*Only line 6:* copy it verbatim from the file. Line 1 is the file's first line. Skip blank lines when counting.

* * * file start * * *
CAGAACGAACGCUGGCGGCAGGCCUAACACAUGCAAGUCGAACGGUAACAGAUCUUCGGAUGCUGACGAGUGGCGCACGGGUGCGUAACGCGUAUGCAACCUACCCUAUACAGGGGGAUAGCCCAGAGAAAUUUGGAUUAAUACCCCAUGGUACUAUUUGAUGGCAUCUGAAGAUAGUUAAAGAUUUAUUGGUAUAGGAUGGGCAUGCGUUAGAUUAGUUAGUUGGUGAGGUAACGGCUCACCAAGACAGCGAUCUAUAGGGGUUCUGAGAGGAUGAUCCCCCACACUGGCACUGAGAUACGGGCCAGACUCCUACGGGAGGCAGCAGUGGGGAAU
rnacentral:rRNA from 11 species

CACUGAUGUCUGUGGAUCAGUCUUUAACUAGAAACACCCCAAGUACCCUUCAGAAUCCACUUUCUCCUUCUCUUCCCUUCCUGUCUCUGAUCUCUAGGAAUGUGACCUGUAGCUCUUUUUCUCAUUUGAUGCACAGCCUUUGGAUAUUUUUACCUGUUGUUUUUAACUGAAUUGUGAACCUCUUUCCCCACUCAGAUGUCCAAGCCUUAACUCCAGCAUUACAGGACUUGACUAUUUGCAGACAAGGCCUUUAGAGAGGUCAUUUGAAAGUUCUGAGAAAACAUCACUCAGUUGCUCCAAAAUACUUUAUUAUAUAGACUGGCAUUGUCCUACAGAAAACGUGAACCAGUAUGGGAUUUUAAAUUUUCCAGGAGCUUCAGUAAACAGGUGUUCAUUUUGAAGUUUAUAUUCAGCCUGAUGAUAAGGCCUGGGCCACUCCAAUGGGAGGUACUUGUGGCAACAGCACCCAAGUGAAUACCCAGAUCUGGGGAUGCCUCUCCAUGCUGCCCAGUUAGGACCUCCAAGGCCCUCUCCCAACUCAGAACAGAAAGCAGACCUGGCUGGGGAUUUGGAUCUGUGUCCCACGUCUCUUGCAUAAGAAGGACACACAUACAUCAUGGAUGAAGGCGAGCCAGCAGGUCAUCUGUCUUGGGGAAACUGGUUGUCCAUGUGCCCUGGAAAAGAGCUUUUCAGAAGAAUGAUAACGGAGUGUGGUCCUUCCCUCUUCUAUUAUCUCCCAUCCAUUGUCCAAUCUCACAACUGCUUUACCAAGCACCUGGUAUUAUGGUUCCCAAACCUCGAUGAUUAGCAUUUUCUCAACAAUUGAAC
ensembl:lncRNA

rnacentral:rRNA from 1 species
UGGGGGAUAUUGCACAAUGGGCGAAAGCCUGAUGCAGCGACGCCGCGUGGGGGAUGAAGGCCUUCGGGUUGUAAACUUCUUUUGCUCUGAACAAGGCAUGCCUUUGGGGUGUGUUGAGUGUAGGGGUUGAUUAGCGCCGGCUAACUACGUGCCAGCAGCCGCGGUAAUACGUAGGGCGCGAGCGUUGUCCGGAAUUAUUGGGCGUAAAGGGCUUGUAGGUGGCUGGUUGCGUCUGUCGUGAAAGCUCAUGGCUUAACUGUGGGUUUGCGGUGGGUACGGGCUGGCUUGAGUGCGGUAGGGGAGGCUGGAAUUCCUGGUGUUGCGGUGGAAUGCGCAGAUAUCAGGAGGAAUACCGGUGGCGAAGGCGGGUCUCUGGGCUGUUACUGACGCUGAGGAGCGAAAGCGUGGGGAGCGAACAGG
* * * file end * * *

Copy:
UGGGGGAUAUUGCACAAUGGGCGAAAGCCUGAUGCAGCGACGCCGCGUGGGGGAUGAAGGCCUUCGGGUUGUAAACUUCUUUUGCUCUGAACAAGGCAUGCCUUUGGGGUGUGUUGAGUGUAGGGGUUGAUUAGCGCCGGCUAACUACGUGCCAGCAGCCGCGGUAAUACGUAGGGCGCGAGCGUUGUCCGGAAUUAUUGGGCGUAAAGGGCUUGUAGGUGGCUGGUUGCGUCUGUCGUGAAAGCUCAUGGCUUAACUGUGGGUUUGCGGUGGGUACGGGCUGGCUUGAGUGCGGUAGGGGAGGCUGGAAUUCCUGGUGUUGCGGUGGAAUGCGCAGAUAUCAGGAGGAAUACCGGUGGCGAAGGCGGGUCUCUGGGCUGUUACUGACGCUGAGGAGCGAAAGCGUGGGGAGCGAACAGG